Network subsystem

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The OpenKore network subsystem roughly consists of the following classes:

The Network class

This is the connection manager. It manages the TCP/IP socket connection with the server, and handles things like connection, disconnection, sending data to the server, receiving data from the server, etc. But it doesn't do much else.

Schematically, it looks like this:


Upon connection to the server, it creates two objects:

  • A message parser object, which is of class Network::Receive::ServerTypeX. Whenever a message is received from the server, that message is passed to the message parser.
  • A message sender object (not seen in the above diagram), which is of class Network::Send::ServerTypeX. This is used for sending messages to the server.

There are several implementations of Network class: Network::DirectConnection, Network::XKore and Network::XKoreProxy.

The Network::MessageTokenizer class

This is a tokenizer class. It extracts discrete server or client messages from a byte stream passed by the connection manager. But it doesn't do much else.

The Network::PacketParser class

This is a base message parser class. It parses messages passed by the connection manager into hashes with message data, as well as does reverse operation - generates messages from hashes with message data. But it doesn't do much else.

Afterwards, parsed messages are handled by built-in handlers in following classes and, with hooks, by plugins or other modules.

Additionally, there is API for modifying or dropping messages to alter any further processing.

The Network::Receive, Network::Send and Network::ClientReceive classes

There classes are descendants of Network::PacketParser class.

Network::Receive and Network::Send are parser helper classes. They contain parser helpers which serve as a workaround in the absense of the capable parser subsystem.

Network::Receive and Network::ClientReceive are message handling classes. They contain built-in handlers for messages coming from the server (Network::Receive) or from the client (Network::ClientReceive), which store information from network messages to be used later in other modules (like the AI).

Network::Send is the message sender class. It encapsulates network messages into simple, easy-to-use functions to be used outside of network subsystem.

Any descendant ServerType class may customize message handlers and parser helpers, but they should refrain from that other than for servertype-specific features and debugging.

The Network::Receive::ServerTypeX and Network::Send::ServerTypeX class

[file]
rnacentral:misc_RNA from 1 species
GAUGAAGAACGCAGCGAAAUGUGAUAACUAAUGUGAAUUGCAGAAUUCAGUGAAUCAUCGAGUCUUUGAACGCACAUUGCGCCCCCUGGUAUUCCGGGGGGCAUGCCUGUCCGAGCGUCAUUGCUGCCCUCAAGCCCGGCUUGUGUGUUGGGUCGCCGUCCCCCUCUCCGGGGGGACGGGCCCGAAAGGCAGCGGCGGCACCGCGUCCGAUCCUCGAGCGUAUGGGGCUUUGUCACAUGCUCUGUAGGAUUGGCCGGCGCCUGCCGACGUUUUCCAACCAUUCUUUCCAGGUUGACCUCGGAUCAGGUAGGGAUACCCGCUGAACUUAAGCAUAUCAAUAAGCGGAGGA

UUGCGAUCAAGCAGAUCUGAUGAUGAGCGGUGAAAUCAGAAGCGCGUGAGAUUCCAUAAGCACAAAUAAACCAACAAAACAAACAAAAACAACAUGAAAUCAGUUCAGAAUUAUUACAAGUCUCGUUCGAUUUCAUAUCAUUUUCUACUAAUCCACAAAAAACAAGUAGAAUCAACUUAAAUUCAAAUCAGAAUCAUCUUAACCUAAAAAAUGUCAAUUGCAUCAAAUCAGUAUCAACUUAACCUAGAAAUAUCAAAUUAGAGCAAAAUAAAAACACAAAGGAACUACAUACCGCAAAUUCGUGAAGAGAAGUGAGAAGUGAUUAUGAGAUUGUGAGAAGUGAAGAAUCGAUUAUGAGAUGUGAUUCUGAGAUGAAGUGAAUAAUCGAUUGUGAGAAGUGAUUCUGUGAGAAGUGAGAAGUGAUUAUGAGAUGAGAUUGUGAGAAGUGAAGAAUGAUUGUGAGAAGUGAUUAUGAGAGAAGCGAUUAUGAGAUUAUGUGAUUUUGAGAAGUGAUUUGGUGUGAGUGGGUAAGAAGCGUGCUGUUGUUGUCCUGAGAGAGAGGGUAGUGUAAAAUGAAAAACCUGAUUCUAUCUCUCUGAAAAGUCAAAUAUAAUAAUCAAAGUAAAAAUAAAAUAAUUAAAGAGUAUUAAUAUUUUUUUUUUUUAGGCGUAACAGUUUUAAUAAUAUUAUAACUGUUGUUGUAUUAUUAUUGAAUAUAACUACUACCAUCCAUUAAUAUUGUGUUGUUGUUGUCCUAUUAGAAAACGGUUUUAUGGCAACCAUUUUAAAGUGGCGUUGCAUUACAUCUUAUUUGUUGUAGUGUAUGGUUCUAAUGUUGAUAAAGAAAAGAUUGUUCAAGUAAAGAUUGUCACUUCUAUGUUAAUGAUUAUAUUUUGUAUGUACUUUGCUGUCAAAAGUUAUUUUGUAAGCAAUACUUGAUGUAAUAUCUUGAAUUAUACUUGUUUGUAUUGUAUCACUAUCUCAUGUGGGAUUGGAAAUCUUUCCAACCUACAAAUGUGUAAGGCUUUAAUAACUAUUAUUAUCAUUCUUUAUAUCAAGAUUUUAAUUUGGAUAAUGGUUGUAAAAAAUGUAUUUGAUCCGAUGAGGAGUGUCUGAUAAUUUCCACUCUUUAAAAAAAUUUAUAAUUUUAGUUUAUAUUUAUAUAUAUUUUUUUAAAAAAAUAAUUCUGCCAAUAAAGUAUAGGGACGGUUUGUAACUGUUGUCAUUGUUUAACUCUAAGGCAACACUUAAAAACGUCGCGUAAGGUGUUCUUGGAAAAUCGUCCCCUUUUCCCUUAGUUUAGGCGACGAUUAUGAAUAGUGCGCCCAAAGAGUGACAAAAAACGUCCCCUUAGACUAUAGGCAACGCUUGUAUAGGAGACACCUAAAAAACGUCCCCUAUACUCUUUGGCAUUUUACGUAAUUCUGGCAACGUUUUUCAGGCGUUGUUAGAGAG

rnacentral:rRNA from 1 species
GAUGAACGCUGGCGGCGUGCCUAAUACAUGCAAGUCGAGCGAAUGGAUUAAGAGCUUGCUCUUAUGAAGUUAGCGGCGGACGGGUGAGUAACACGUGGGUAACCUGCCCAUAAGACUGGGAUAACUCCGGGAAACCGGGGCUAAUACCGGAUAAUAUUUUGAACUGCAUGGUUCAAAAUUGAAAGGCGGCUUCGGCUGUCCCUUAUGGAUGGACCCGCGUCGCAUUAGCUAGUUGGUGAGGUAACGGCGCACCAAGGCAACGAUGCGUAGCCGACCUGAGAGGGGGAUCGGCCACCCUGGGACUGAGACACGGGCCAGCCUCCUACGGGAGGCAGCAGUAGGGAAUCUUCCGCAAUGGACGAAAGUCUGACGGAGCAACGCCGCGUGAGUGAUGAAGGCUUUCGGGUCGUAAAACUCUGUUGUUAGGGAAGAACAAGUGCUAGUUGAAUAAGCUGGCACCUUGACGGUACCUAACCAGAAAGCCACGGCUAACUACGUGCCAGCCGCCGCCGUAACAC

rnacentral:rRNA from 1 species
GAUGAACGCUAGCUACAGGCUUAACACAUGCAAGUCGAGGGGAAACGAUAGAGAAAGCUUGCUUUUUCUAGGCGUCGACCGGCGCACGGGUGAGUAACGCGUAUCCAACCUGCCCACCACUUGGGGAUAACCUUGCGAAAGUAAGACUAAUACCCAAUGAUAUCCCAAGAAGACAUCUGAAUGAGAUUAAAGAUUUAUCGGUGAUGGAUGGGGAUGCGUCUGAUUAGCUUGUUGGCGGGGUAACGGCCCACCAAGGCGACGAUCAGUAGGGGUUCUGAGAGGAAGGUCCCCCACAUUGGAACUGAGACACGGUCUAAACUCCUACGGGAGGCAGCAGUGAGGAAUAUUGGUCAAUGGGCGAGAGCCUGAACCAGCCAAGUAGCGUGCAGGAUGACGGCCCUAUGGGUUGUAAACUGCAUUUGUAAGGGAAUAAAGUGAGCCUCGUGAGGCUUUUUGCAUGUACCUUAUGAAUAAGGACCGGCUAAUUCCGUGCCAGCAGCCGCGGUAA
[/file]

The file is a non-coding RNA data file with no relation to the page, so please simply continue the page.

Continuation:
These are serverType description classes. They describe network message identifiers and structures for different servers. But they shouldn't do much else.

Note that none of these classes, from the connection manager to the serverType descriptions, should contain any AI code.

How it all works together

Main initialization code creates a connection manager instance and a message tokenizer instance:

$net = new Network::DirectConnection;

$incomingMessages = new Network::MessageTokenizer(\%recvpackets);

Connection manager creates a packet parser instance:

$packetParser = Network::Receive->create($wrapper, $serverType);

Main loop passes information from connection manager $net to message tokenizer $incomingMessages:


Message tokenizer with data and a message handler $packetParser are passed to a packet parser $packetParser to process all available messages:

@packets = $packetParser->process($incomingMessages, $packetParser);

# compare with outgoing packets:
# @packets = $messageSender->process($outgoingClientMessages, $clientPacketHandler);

Packets are passed back to the connection manager, which passes them to XKore clients:

$net->clientSend($_) for @packets;

Meanwhile, the packet parser calls custom parsers, hooks and built-in handlers:

my $custom_parser = $self->can("parse_$handler_name")
if ($custom_parser) {

Plugins::callHook("packet_pre/$handler_name", \%args);

my $handler = $messageHandler->can($handler_name);
if ($handler) {

Plugins::callHook("packet/$handler_name", \%args);

Handling multiple server types (message parser part)

Implementation details

Example 1: adding a new message handler

Example 2: handling a different server type

Handling multiple server types (message sender part)

Using the message sender

Compatibility notes




Appendix A: introduction to the Ragnarok Online protocol

Appendix B: recvpackets.txt and handling message lengths

Appendix C: obfuscation of outgoing messages

Padded packets

Encrypted message IDs

Original article